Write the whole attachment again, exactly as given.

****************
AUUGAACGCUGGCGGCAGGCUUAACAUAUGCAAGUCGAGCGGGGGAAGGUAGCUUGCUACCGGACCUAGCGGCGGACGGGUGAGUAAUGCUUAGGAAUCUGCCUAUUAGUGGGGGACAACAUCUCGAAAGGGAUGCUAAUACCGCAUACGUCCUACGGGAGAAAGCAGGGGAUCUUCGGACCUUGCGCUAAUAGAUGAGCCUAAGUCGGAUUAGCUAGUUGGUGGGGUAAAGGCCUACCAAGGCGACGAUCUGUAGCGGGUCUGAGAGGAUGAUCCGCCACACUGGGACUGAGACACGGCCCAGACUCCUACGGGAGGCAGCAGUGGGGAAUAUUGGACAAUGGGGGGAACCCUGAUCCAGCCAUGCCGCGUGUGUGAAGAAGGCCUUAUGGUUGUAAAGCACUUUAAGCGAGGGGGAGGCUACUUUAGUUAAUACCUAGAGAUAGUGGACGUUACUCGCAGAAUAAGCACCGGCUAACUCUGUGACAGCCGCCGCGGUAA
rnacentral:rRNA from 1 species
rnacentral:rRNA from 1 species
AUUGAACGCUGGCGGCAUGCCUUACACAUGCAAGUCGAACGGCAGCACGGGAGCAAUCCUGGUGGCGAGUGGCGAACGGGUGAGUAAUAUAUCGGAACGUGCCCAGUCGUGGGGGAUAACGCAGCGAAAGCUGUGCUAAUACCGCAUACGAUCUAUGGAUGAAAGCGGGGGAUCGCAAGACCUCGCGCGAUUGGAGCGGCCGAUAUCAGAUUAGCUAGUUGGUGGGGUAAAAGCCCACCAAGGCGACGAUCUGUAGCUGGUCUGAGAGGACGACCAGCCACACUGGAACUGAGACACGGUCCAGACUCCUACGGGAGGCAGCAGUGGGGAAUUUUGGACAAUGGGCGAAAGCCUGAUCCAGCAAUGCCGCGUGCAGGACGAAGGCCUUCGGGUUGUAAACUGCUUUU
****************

AUUGAACGCUGGCGGCAGGCUUAACAUAUGCAAGUCGAGCGGGGGAAGGUAGCUUGCUACCGGACCUAGCGGCGGACGGGUGAGUAAUGCUUAGGAAUCUGCCUAUUAGUGGGGGACAACAUCUCGAAAGGGAUGCUAAUACCGCAUACGUCCUACGGGAGAAAGCAGGGGAUCUUCGGACCUUGCGCUAAUAGAUGAGCCUAAGUCGGAUUAGCUAGUUGGUGGGGUAAAGGCCUACCAAGGCGACGAUCUGUAGCGGGUCUGAGAGGAUGAUCCGCCACACUGGGACUGAGACACGGCCCAGACUCCUACGGGAGGCAGCAGUGGGGAAUAUUGGACAAUGGGGGGAACCCUGAUCCAGCCAUGCCGCGUGUGUGAAGAAGGCCUUAUGGUUGUAAAGCACUUUAAGCGAGGGGGAGGCUACUUUAGUUAAUACCUAGAGAUAGUGGACGUUACUCGCAGAAUAAGCACCGGCUAACUCUGUGACAGCCGCCGCGGUAA
rnacentral:rRNA from 1 species
rnacentral:rRNA from 1 species
AUUGAACGCUGGCGGCAUGCCUUACACAUGCAAGUCGAACGGCAGCACGGGAGCAAUCCUGGUGGCGAGUGGCGAACGGGUGAGUAAUAUAUCGGAACGUGCCCAGUCGUGGGGGAUAACGCAGCGAAAGCUGUGCUAAUACCGCAUACGAUCUAUGGAUGAAAGCGGGGGAUCGCAAGACCUCGCGCGAUUGGAGCGGCCGAUAUCAGAUUAGCUAGUUGGUGGGGUAAAAGCCCACCAAGGCGACGAUCUGUAGCUGGUCUGAGAGGACGACCAGCCACACUGGAACUGAGACACGGUCCAGACUCCUACGGGAGGCAGCAGUGGGGAAUUUUGGACAAUGGGCGAAAGCCUGAUCCAGCAAUGCCGCGUGCAGGACGAAGGCCUUCGGGUUGUAAACUGCUUUU